The  arrangement of the festival grounds is shown in fig 1.  On the left were concrete steps which provided good positions for photographing the festival. These seats faced south and both the spectator seats near the building and the performance area were in shadow until noon (shielded from the sun by the official building) after which the grounds and seating became fully exposed to the sun.


Paro Tsechu Day 2 opening ceremony


Paro Tsechu Day 2 horns


Paro Tsechu Day 2 opening ceremony

The Tsechu started around 9:30 am. For the best positions, one should be seated  by 7:30 am. By 8:00 am, most lower seats were reserved or taken. The Tsechu lasted till 3:15 pm.
As the queen mother attended the morning festivities three victory dances performed by the military commemorating the 2003 search and apprehension inside Bhutan of Indian intruders, were added to the program on the suggestion of the queen mother.

The Highlights
Dance of the Lord of Death and his Consort (Shinje Yab Yum)
Dance of the Black Hats with drums (Shanag Nga Cham)
Dance of the Three Kinds of Ging with sticks (Gingsum)
Dance of the Lords of the Cremation Grounds (Durdag)


Paro Tsechu day 2 victory dance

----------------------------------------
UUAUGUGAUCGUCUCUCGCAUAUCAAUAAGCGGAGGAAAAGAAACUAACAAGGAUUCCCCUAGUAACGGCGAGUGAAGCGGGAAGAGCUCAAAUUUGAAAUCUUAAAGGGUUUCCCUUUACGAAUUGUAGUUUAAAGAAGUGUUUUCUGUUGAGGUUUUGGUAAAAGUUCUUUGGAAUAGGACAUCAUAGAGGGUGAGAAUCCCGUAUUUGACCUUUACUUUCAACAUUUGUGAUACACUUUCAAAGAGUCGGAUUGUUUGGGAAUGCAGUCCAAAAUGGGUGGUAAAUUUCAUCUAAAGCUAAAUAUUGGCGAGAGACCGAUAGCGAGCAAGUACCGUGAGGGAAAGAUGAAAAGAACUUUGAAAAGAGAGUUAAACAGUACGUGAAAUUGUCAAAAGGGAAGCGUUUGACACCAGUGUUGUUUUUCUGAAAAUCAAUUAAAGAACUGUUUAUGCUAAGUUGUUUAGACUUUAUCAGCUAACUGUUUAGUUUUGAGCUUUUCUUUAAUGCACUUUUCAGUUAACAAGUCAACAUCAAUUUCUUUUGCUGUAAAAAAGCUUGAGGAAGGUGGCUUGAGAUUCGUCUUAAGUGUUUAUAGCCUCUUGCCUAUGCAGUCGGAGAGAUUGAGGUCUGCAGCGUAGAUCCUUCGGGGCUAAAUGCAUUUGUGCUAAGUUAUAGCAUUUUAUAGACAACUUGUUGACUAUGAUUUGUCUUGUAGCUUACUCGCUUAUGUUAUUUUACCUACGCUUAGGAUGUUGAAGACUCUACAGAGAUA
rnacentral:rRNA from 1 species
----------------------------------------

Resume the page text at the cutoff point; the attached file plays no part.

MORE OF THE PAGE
Paro Tsechu day2 black hat with sticks


Paro Tsechu Day 2 Shinje Yab Yum


Bhutan Revisited Day 7

Last modified on 2014-05-21 06:28:07 GMT. 0 comments. Top.


Fig 1 Paro Tsechu ceremonial grounds map; Google Earth

Paro Tsechu day 4 outside the Dzong

14th day of the 2nd Bhutanese month

This is an important day, particularly with the parade of the Great Shinje, Lord of Death, around the ceremonial grounds and the Day of Judgement, where the souls of the dead are judged to be good or bad. Following this enactment, The line of local people queuing for a blessing from the monks stretches all the way to the entrance of the ceremony grounds. It will get very busy and seating will be very scarce. A good overall position for viewing the parade of the Great Shinje (a three metre high puppet of the lord of death held aloft by an entourage of monks), is on the left on the concrete stairs (see Fig1) and part way up facing the concrete steps.


Paro Tsechu day 4 blessing from the monks


Paro Tsechu day 4 dance of the 4 stags


Paro Tsechu day 4 Dance of the judgement of the dead